Are you a dawdler? I am; have been since childhood. I’m not as good at it now as when I was young. Back then, I could get distracted by my toys for ages when I was supposed to be cleaning my room, or take an extra 20 minutes walking home from school choosing the handsomest fall leaves for my mom. Once I’d picked them up, I couldn’t put any down, for fear I’d hurt their feelings.

Still today, though, I revel in mornings when I can take my time eating breakfast — play a few Words with Friends games, do a couple of word puzzles, read an op-ed or two — as the minutes tick by unnoticed. Maybe I’ll raise my eyes and watch the hummingbirds darting back and forth between the feeders and the lilacs or admire the rose-breasted grosbeak eating sunflower seed, then go back to whatever unimportant task I was absorbed in.

Such idleness is both a privilege and a necessity to me. It’s a way of embodying the idea that life is about more than doing and my worth cannot be measured entirely in accomplishments. Achievements are also important and necessary, not just for survival, but also to build and sustain our sense of self-worth and connection to the world around us.

But the importance of idleness is overlooked in our culture. Indeed, it is antithetical to the American ethos. Though we do not think of them that way, I’m sure even the pioneers who settled the West had their idle moments. Watching a hawk fly over the vast stretch of plains, all the way to the farthest horizon. Contemplating a cow or a ewe taking care of her young.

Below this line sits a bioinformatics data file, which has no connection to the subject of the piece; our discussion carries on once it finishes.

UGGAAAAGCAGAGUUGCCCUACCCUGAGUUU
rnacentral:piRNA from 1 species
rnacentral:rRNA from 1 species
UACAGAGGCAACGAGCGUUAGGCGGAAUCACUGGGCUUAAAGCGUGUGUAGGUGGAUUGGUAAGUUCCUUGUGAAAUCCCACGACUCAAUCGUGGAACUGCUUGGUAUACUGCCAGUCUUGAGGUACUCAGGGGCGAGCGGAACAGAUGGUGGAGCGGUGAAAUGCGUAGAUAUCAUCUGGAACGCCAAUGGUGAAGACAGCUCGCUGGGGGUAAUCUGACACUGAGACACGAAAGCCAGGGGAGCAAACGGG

Doing nothing — or at least nothing important — provides recreation for the mind, allowing it to slip into a different state than its workaday thinking mode. It reminds us that we are more than just producers or problem-solvers. We are part of the natural world. We have as much right to exist as other animals, and our lives, like those of every other creature on the planet, are sacred, valuable in and of themselves.

For me, this is either true for all life or none of it, and I can’t believe the latter.

As so often happens, these thoughts lead me back to Mary Oliver. In her poem, “The Summer Day,” she says,

I don’t know exactly what a prayer is.

I do know how to pay attention, how to fall down

into the grass, how to kneel down in the grass,

how to be idle and blessed, how to stroll through the fields,

which is what I have been doing all day.

Tell me, what else should I have done?

Doesn’t everything die at last, and too soon?

Tell me, what is it you plan to do

with your one wild and precious life?

This is practically a paean to dawdling, an apology for idleness. Oliver connects lack of productive occupation with blessedness. Of course, she’s not extolling mere frittering — the blessedness she feels is the fruit of paying attention, of “stroll(ing) through the fields” with her heart open to all that she encounters there. This is dawdling of a much higher order than my breakfast table activities.

But even my fooling about over breakfast allows me to enter at least partially the world Oliver inhabits. My attention is caught by the birds, I watch the sky, I breathe according to my own rhythm for a while, with no need to justify my life.

Sarah E. Reynolds is a former editor of The Republican Journal. She has lived in the Midcoast for about 20 years.